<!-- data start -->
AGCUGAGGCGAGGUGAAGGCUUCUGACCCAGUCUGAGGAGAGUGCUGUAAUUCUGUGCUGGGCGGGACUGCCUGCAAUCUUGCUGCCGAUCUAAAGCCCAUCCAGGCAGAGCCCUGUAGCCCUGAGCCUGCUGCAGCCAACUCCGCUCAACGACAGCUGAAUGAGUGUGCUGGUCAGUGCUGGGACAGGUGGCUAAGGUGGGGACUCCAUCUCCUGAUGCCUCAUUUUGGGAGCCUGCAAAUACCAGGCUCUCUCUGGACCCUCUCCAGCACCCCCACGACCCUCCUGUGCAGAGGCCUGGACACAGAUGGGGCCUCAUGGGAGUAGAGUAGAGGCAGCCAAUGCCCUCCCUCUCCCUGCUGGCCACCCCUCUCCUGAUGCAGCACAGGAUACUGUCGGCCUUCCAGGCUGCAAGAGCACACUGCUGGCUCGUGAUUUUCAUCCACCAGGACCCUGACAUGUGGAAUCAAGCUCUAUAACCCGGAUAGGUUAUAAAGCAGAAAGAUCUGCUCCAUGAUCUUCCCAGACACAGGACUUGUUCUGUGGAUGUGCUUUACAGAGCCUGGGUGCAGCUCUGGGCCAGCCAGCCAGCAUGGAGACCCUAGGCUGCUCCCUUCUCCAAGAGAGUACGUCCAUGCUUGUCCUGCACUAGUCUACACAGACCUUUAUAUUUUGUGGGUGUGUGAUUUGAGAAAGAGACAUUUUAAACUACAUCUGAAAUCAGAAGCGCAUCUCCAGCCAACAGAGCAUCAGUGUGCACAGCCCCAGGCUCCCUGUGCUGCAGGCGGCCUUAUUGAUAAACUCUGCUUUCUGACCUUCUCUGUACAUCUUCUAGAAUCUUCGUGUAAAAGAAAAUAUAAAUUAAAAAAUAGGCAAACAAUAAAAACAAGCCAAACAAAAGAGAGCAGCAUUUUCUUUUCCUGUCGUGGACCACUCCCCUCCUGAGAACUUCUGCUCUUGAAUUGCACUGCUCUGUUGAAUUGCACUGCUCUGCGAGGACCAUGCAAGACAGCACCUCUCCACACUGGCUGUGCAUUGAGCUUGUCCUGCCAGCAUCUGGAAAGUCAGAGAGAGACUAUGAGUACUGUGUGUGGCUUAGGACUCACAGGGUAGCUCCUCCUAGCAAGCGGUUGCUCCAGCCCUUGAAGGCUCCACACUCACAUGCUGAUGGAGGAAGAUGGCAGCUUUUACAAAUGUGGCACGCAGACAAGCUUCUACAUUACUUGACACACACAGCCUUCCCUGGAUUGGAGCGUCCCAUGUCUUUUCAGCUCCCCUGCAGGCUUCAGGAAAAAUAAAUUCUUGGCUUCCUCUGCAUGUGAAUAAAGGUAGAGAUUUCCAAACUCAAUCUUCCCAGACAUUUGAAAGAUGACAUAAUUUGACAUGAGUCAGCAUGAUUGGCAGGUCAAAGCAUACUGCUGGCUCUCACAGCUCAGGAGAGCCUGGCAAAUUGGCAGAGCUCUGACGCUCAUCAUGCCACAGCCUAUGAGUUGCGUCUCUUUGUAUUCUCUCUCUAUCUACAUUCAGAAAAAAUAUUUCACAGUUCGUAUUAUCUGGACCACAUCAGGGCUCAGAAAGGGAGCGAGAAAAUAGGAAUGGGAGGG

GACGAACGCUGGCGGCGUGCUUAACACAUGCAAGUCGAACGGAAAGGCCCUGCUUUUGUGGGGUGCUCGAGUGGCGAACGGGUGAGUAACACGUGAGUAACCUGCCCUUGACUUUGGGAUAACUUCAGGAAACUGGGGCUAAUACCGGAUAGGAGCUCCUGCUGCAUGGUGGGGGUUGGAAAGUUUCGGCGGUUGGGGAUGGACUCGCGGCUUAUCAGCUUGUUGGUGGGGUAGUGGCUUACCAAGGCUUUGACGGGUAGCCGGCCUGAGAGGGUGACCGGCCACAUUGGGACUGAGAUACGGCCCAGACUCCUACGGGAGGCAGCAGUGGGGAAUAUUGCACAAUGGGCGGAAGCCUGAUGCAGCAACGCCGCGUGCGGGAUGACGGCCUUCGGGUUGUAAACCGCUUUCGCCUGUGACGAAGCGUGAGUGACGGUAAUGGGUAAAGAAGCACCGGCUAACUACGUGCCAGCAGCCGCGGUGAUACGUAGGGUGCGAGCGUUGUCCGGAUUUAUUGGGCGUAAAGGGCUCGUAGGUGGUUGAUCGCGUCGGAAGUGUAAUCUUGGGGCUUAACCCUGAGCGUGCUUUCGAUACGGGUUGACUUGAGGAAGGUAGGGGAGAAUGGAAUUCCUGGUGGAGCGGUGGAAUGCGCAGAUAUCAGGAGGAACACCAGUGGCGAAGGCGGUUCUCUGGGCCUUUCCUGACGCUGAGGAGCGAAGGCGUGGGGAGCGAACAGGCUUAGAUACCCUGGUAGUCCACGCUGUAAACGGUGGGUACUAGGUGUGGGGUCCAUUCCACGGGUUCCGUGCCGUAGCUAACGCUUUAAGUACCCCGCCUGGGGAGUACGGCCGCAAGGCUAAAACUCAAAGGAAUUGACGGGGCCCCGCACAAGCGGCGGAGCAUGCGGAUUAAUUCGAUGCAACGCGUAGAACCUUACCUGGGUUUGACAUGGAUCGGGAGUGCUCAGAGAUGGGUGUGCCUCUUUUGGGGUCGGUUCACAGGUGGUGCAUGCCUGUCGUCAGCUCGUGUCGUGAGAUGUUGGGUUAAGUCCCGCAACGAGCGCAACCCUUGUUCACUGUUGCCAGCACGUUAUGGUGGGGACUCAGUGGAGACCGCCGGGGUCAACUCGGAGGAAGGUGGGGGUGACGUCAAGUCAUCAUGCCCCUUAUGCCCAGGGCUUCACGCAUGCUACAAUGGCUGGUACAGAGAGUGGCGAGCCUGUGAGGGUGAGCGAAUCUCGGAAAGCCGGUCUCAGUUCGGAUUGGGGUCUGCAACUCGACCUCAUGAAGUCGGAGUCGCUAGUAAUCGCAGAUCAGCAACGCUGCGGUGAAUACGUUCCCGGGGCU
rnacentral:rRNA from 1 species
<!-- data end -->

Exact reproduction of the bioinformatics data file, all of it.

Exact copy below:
AGCUGAGGCGAGGUGAAGGCUUCUGACCCAGUCUGAGGAGAGUGCUGUAAUUCUGUGCUGGGCGGGACUGCCUGCAAUCUUGCUGCCGAUCUAAAGCCCAUCCAGGCAGAGCCCUGUAGCCCUGAGCCUGCUGCAGCCAACUCCGCUCAACGACAGCUGAAUGAGUGUGCUGGUCAGUGCUGGGACAGGUGGCUAAGGUGGGGACUCCAUCUCCUGAUGCCUCAUUUUGGGAGCCUGCAAAUACCAGGCUCUCUCUGGACCCUCUCCAGCACCCCCACGACCCUCCUGUGCAGAGGCCUGGACACAGAUGGGGCCUCAUGGGAGUAGAGUAGAGGCAGCCAAUGCCCUCCCUCUCCCUGCUGGCCACCCCUCUCCUGAUGCAGCACAGGAUACUGUCGGCCUUCCAGGCUGCAAGAGCACACUGCUGGCUCGUGAUUUUCAUCCACCAGGACCCUGACAUGUGGAAUCAAGCUCUAUAACCCGGAUAGGUUAUAAAGCAGAAAGAUCUGCUCCAUGAUCUUCCCAGACACAGGACUUGUUCUGUGGAUGUGCUUUACAGAGCCUGGGUGCAGCUCUGGGCCAGCCAGCCAGCAUGGAGACCCUAGGCUGCUCCCUUCUCCAAGAGAGUACGUCCAUGCUUGUCCUGCACUAGUCUACACAGACCUUUAUAUUUUGUGGGUGUGUGAUUUGAGAAAGAGACAUUUUAAACUACAUCUGAAAUCAGAAGCGCAUCUCCAGCCAACAGAGCAUCAGUGUGCACAGCCCCAGGCUCCCUGUGCUGCAGGCGGCCUUAUUGAUAAACUCUGCUUUCUGACCUUCUCUGUACAUCUUCUAGAAUCUUCGUGUAAAAGAAAAUAUAAAUUAAAAAAUAGGCAAACAAUAAAAACAAGCCAAACAAAAGAGAGCAGCAUUUUCUUUUCCUGUCGUGGACCACUCCCCUCCUGAGAACUUCUGCUCUUGAAUUGCACUGCUCUGUUGAAUUGCACUGCUCUGCGAGGACCAUGCAAGACAGCACCUCUCCACACUGGCUGUGCAUUGAGCUUGUCCUGCCAGCAUCUGGAAAGUCAGAGAGAGACUAUGAGUACUGUGUGUGGCUUAGGACUCACAGGGUAGCUCCUCCUAGCAAGCGGUUGCUCCAGCCCUUGAAGGCUCCACACUCACAUGCUGAUGGAGGAAGAUGGCAGCUUUUACAAAUGUGGCACGCAGACAAGCUUCUACAUUACUUGACACACACAGCCUUCCCUGGAUUGGAGCGUCCCAUGUCUUUUCAGCUCCCCUGCAGGCUUCAGGAAAAAUAAAUUCUUGGCUUCCUCUGCAUGUGAAUAAAGGUAGAGAUUUCCAAACUCAAUCUUCCCAGACAUUUGAAAGAUGACAUAAUUUGACAUGAGUCAGCAUGAUUGGCAGGUCAAAGCAUACUGCUGGCUCUCACAGCUCAGGAGAGCCUGGCAAAUUGGCAGAGCUCUGACGCUCAUCAUGCCACAGCCUAUGAGUUGCGUCUCUUUGUAUUCUCUCUCUAUCUACAUUCAGAAAAAAUAUUUCACAGUUCGUAUUAUCUGGACCACAUCAGGGCUCAGAAAGGGAGCGAGAAAAUAGGAAUGGGAGGG

GACGAACGCUGGCGGCGUGCUUAACACAUGCAAGUCGAACGGAAAGGCCCUGCUUUUGUGGGGUGCUCGAGUGGCGAACGGGUGAGUAACACGUGAGUAACCUGCCCUUGACUUUGGGAUAACUUCAGGAAACUGGGGCUAAUACCGGAUAGGAGCUCCUGCUGCAUGGUGGGGGUUGGAAAGUUUCGGCGGUUGGGGAUGGACUCGCGGCUUAUCAGCUUGUUGGUGGGGUAGUGGCUUACCAAGGCUUUGACGGGUAGCCGGCCUGAGAGGGUGACCGGCCACAUUGGGACUGAGAUACGGCCCAGACUCCUACGGGAGGCAGCAGUGGGGAAUAUUGCACAAUGGGCGGAAGCCUGAUGCAGCAACGCCGCGUGCGGGAUGACGGCCUUCGGGUUGUAAACCGCUUUCGCCUGUGACGAAGCGUGAGUGACGGUAAUGGGUAAAGAAGCACCGGCUAACUACGUGCCAGCAGCCGCGGUGAUACGUAGGGUGCGAGCGUUGUCCGGAUUUAUUGGGCGUAAAGGGCUCGUAGGUGGUUGAUCGCGUCGGAAGUGUAAUCUUGGGGCUUAACCCUGAGCGUGCUUUCGAUACGGGUUGACUUGAGGAAGGUAGGGGAGAAUGGAAUUCCUGGUGGAGCGGUGGAAUGCGCAGAUAUCAGGAGGAACACCAGUGGCGAAGGCGGUUCUCUGGGCCUUUCCUGACGCUGAGGAGCGAAGGCGUGGGGAGCGAACAGGCUUAGAUACCCUGGUAGUCCACGCUGUAAACGGUGGGUACUAGGUGUGGGGUCCAUUCCACGGGUUCCGUGCCGUAGCUAACGCUUUAAGUACCCCGCCUGGGGAGUACGGCCGCAAGGCUAAAACUCAAAGGAAUUGACGGGGCCCCGCACAAGCGGCGGAGCAUGCGGAUUAAUUCGAUGCAACGCGUAGAACCUUACCUGGGUUUGACAUGGAUCGGGAGUGCUCAGAGAUGGGUGUGCCUCUUUUGGGGUCGGUUCACAGGUGGUGCAUGCCUGUCGUCAGCUCGUGUCGUGAGAUGUUGGGUUAAGUCCCGCAACGAGCGCAACCCUUGUUCACUGUUGCCAGCACGUUAUGGUGGGGACUCAGUGGAGACCGCCGGGGUCAACUCGGAGGAAGGUGGGGGUGACGUCAAGUCAUCAUGCCCCUUAUGCCCAGGGCUUCACGCAUGCUACAAUGGCUGGUACAGAGAGUGGCGAGCCUGUGAGGGUGAGCGAAUCUCGGAAAGCCGGUCUCAGUUCGGAUUGGGGUCUGCAACUCGACCUCAUGAAGUCGGAGUCGCUAGUAAUCGCAGAUCAGCAACGCUGCGGUGAAUACGUUCCCGGGGCU
rnacentral:rRNA from 1 species